The creature gestured again, waving and clawing at the air, then it leapt back into the forest. I couldn’t believe it. I was at once relieved and at once struck with revulsion. Because a part of me wanted to follow. I think I even took a step forward, but I felt a tugging at the leash I was holding. Flynn was backing away and tugging at the leash, leading me away as well. We both went back the way we came, and at some point, Nox joined us. She jogged beside Flynn. We soon encountered other people and animals. None of us made a sound. I didn’t say anything to anyone. We got home and I locked the door and checked the whole place again.
I couldn’t sleep that night. I wasn’t a coffee-drinker, but I kept some on hand for guests. I drank cup after cup and kept the TV on in the living room, and the radio on upstairs. But I still thought I heard noises of movement outside my balcony, outside my front door. Flynn jumped every now and then, hearing sounds that I couldn’t hear. Nox hissed and cried out every now and then in a restless moaning meow I’d never heard her utter before.
I had to occupy myself and do something useful, take some action. So I wrote down the entire account of the encounters, starting with the first night when I saw the thing race across the path of my car. Then I took to my computer and tried looking up the creature. I searched for any news of sightings. If I saw the thing, others might have as well, people who might be less inclined to worry about whether or not they sounded crazy. But there was nothing. Nothing at all.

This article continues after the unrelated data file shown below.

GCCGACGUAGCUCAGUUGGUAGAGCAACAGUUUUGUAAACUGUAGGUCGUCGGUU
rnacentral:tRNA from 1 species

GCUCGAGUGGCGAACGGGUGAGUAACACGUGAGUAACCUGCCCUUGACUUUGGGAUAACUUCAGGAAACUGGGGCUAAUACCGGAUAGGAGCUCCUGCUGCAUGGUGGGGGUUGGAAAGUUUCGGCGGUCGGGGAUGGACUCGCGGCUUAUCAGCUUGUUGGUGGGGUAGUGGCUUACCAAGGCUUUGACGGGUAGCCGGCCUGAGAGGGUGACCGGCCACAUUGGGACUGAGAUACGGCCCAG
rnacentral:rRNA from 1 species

My harried midnight searches resulted in little evidence of recent sightings in my area. Most sightings were from centuries past. Of all the possible identifications I’d found of what the creature could be—alien, human from the future, hybrid animal—there was one that matched most closely what I’d seen. It was an imp. Or at least it looked like one. There weren’t many specific details about what imps were either. I found only one site that had such details. According to that site, imps appeared to a person who had committed some grave sin. Or to someone who had made a deal with the devil. In the case of a sinner, the imp was sent forth by the ruler of hell himself to torment and punish the wrongdoer. And sometimes to encourage more wrongdoing so there could be more punishment. In the latter case, imps were sent out to make good on those devil-deals and to collect payment when payment came due.